SEBASTOPOL - She was the only girl on a T-ball team in Forestville when it happened. The 8-year-old boy shoved the 8-year-old girl, knocking her off first base with this exit admonishment: “You’re stupid.” Those words, that shove, he might as well have used a megaphone and a bulldozer on Saja Spearman-Weaver.
“It made me angry,” Spearman-Weaver said. Eight-year-old anger, for most, comes and goes, replaced in an eye blink by the next immediate thing. Not this girl. Oh no. Saja is the offspring of Jason Weaver and Simone Spearman. They raised their daughter to think for herself. Stick up for yourself. Don’t whine. Don’t point fingers. Don’t ever accept being disrespected and devalued, especially because you’re a female.
“I have a mom who is a strong, empowered woman not known for being easily persuaded,” Spearman-Weaver said. “She knows what she wants and she doesn’t like people telling her what she should do.”
So now it’s seven years later and Spearman-Weaver is a freshman and making her first varsity appearance as a pitcher for Analy High School. The Tigers are in Eureka. It’s a playoff game. She throws a pitch and the batter sends a wicked line drive off the right side of Spearman-Weaver’s face. She hits the dirt, gets a mouthful. Blood splatters. Like she got shot by a sniper, that kind of image.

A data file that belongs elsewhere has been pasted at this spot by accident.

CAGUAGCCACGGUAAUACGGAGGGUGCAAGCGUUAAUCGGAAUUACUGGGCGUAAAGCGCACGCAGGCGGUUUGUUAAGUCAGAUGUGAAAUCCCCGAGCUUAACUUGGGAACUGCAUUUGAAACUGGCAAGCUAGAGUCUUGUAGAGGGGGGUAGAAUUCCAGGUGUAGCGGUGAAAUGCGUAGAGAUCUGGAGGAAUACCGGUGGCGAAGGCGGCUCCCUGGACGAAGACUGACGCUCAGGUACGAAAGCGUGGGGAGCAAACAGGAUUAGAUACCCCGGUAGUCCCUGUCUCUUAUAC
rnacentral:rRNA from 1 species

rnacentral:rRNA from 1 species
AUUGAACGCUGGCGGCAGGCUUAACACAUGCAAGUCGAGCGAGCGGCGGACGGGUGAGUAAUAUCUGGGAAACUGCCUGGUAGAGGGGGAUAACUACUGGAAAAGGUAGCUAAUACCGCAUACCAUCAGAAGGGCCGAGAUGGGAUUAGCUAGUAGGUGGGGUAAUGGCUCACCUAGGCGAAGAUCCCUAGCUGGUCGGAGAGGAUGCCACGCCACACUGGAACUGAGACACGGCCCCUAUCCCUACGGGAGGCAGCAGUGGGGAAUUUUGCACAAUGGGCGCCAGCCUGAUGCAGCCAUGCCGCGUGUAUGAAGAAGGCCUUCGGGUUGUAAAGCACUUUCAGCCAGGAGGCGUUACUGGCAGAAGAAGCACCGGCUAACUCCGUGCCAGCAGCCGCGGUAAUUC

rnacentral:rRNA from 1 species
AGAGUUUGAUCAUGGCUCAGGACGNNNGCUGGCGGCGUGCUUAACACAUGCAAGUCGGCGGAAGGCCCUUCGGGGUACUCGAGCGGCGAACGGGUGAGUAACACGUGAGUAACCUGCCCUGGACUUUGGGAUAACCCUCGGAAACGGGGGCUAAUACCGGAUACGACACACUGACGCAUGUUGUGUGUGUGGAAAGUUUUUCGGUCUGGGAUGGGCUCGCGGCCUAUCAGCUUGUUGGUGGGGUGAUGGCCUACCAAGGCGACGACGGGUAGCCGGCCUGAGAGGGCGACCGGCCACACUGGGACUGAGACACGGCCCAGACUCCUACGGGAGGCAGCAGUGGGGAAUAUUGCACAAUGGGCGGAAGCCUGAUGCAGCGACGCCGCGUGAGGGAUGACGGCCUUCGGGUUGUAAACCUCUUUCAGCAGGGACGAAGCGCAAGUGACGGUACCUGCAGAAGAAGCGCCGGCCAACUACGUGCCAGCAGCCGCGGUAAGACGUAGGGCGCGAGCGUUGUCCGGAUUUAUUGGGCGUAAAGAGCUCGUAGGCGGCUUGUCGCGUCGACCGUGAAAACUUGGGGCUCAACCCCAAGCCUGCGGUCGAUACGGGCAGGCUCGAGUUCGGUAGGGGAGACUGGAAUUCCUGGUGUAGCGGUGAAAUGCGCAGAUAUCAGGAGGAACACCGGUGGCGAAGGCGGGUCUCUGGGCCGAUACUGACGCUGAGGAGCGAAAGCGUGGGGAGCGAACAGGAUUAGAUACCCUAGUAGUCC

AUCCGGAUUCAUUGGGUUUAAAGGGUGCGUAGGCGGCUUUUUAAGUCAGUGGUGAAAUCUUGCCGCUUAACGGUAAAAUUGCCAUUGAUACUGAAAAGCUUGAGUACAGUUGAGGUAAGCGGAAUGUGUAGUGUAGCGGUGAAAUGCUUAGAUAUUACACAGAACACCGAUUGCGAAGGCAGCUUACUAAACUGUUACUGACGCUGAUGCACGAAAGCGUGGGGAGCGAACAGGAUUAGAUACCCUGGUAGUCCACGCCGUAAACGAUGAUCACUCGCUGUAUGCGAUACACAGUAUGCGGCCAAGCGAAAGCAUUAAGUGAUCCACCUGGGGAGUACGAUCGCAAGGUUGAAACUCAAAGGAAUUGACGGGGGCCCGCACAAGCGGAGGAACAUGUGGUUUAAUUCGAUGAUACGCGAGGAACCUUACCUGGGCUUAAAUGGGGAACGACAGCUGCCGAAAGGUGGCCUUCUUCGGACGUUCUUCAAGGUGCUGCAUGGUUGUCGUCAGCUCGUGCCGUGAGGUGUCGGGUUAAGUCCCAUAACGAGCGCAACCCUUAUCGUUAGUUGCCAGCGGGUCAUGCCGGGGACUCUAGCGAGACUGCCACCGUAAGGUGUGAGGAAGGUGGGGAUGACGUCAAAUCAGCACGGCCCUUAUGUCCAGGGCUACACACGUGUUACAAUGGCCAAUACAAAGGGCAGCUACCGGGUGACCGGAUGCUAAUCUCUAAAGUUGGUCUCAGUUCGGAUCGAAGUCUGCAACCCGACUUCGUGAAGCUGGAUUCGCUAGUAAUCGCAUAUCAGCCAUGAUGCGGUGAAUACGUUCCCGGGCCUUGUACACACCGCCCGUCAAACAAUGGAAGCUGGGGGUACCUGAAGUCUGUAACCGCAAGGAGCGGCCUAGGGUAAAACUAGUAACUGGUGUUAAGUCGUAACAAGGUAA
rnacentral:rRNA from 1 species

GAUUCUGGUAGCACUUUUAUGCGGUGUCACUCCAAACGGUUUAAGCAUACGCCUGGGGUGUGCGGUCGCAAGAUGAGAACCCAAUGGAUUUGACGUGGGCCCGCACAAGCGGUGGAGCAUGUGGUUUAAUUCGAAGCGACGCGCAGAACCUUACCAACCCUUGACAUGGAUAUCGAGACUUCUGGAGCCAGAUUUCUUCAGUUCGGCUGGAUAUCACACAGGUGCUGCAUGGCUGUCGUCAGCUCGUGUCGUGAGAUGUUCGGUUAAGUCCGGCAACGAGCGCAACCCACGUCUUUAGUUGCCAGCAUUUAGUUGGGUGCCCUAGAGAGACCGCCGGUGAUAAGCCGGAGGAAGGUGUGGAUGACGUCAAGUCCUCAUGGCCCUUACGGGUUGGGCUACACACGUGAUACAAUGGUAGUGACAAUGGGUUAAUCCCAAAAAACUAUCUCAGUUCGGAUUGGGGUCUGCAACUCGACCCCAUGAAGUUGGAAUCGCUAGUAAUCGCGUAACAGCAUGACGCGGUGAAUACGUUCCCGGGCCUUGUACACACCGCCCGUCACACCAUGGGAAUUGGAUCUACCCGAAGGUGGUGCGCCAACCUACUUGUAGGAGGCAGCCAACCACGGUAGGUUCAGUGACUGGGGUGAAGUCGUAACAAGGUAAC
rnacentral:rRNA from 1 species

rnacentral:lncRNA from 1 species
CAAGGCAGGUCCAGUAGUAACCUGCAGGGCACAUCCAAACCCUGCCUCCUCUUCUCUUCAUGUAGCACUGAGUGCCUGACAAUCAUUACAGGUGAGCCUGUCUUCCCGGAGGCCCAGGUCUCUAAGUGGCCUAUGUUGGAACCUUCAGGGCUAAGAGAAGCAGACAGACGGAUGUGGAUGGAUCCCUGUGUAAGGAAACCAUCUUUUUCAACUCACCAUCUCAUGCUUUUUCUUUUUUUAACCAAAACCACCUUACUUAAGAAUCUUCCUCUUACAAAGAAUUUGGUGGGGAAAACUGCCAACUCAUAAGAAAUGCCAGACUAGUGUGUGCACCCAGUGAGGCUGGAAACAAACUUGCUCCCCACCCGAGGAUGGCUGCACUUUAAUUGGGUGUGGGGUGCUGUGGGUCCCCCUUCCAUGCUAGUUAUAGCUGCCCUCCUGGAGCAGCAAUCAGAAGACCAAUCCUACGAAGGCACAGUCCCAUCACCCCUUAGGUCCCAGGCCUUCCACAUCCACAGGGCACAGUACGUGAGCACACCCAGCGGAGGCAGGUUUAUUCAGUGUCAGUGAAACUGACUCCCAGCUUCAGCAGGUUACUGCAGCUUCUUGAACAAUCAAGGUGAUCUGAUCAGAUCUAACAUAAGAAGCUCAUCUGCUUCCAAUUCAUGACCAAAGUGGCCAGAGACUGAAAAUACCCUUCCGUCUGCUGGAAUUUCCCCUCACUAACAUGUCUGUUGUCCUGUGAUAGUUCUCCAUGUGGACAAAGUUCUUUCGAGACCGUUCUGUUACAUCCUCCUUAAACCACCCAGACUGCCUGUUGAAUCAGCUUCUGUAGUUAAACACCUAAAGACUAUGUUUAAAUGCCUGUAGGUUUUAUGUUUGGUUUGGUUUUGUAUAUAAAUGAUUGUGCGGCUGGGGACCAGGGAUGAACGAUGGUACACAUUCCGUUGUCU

Nick Houtz, Analy’s coach and a Vietnam vet, grabs the ball for Spearman-Weaver. Thanks for your service. She grabs the ball back.
“My society expects me to stay down when I’m hit, preferably to stay out of dangerous situations, leaving the pursuit of conflict to my male counterparts. It’s a foul tendency. I snatched the ball from his weathered hand. I understood what it felt like to fight back.”
That’s part of the essay that Spearman-Weaver, now a senior and a month removed from her 18th birthday, recently sent to colleges as part of her application for admission. She has a 4-centimeter scar below her right ear as a reminder, although a picture of that was not sent as a dramatic accompaniment. She’s too busy living in the moment, confusing some, pleasing others.
The pleasing part is easy to describe and understand. She leads the SCL with a 13-1 record and a 1.22 earned-run average. She stands 6-foot-2. Her countenance is impressive without ever having to throw a pitch.
“You don’t have as much control of the game at the other positions,” she said.
She has a 4.17 grade-point average for her four Analy years, 4.33 in her junior and her senior years. She is taking six AP courses. She plays three varsity sports: softball, volleyball and basketball. She coaches young girls on how to play softball with confidence and pride, never to tolerate being treated disrespectfully.
“In the school calendar year,” she said, “I have six days in which I come home with nothing to do.”
Now comes the difficult part for some people.
Spearman-Weaver will not be playing college softball. Maybe club, rec league stuff. Maybe. Won’t even try to be a walk-on.
“I don’t want to make it my one thing,” she said. How can she not, is the assumption. When she’s this good, this smart, this responsible, this tenacious, how can she walk away? Doesn’t she enjoy the spotlight? Her ego has to feel the love, the adoration, being the center of attention. Right?